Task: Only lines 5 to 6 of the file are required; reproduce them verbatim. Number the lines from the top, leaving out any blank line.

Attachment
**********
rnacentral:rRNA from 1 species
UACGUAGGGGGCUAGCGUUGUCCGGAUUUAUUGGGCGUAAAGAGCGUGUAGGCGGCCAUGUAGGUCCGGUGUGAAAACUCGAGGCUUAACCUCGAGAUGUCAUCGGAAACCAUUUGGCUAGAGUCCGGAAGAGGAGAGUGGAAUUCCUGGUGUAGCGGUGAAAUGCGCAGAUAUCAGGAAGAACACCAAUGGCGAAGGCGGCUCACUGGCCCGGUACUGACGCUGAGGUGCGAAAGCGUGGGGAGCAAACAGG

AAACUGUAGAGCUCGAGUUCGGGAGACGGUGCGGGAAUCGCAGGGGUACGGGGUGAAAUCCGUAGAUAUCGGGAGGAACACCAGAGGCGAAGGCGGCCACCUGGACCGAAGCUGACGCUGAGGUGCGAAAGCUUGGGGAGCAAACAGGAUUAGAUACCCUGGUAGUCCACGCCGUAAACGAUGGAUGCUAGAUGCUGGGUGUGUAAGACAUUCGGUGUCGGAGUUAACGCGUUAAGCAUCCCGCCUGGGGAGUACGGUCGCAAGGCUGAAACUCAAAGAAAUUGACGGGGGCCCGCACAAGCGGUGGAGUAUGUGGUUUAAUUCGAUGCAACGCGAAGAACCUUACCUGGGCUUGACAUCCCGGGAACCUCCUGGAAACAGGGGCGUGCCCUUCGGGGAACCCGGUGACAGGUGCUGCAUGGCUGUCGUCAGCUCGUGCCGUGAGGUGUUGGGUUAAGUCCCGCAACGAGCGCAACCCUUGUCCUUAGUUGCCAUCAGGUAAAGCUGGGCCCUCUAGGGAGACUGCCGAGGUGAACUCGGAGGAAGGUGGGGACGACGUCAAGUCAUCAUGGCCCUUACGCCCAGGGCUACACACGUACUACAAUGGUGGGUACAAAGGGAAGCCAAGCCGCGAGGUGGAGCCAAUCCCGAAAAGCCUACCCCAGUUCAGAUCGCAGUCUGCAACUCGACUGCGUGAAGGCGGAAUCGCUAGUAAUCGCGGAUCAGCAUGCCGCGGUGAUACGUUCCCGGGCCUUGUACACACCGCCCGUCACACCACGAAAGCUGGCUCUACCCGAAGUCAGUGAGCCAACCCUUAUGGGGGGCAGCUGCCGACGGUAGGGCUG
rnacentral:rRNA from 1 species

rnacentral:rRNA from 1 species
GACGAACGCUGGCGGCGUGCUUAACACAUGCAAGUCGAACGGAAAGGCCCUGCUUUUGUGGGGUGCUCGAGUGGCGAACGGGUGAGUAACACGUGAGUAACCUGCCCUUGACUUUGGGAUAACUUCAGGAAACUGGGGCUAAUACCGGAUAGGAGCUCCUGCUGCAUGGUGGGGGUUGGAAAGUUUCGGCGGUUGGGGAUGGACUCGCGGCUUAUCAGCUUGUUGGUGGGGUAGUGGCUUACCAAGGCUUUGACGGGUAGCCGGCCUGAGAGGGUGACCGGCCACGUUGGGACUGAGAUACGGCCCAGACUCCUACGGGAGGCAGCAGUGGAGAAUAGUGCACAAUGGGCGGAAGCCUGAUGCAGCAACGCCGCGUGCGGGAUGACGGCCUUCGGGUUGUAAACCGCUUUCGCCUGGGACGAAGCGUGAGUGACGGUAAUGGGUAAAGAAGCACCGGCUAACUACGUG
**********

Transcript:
rnacentral:rRNA from 1 species
GACGAACGCUGGCGGCGUGCUUAACACAUGCAAGUCGAACGGAAAGGCCCUGCUUUUGUGGGGUGCUCGAGUGGCGAACGGGUGAGUAACACGUGAGUAACCUGCCCUUGACUUUGGGAUAACUUCAGGAAACUGGGGCUAAUACCGGAUAGGAGCUCCUGCUGCAUGGUGGGGGUUGGAAAGUUUCGGCGGUUGGGGAUGGACUCGCGGCUUAUCAGCUUGUUGGUGGGGUAGUGGCUUACCAAGGCUUUGACGGGUAGCCGGCCUGAGAGGGUGACCGGCCACGUUGGGACUGAGAUACGGCCCAGACUCCUACGGGAGGCAGCAGUGGAGAAUAGUGCACAAUGGGCGGAAGCCUGAUGCAGCAACGCCGCGUGCGGGAUGACGGCCUUCGGGUUGUAAACCGCUUUCGCCUGGGACGAAGCGUGAGUGACGGUAAUGGGUAAAGAAGCACCGGCUAACUACGUG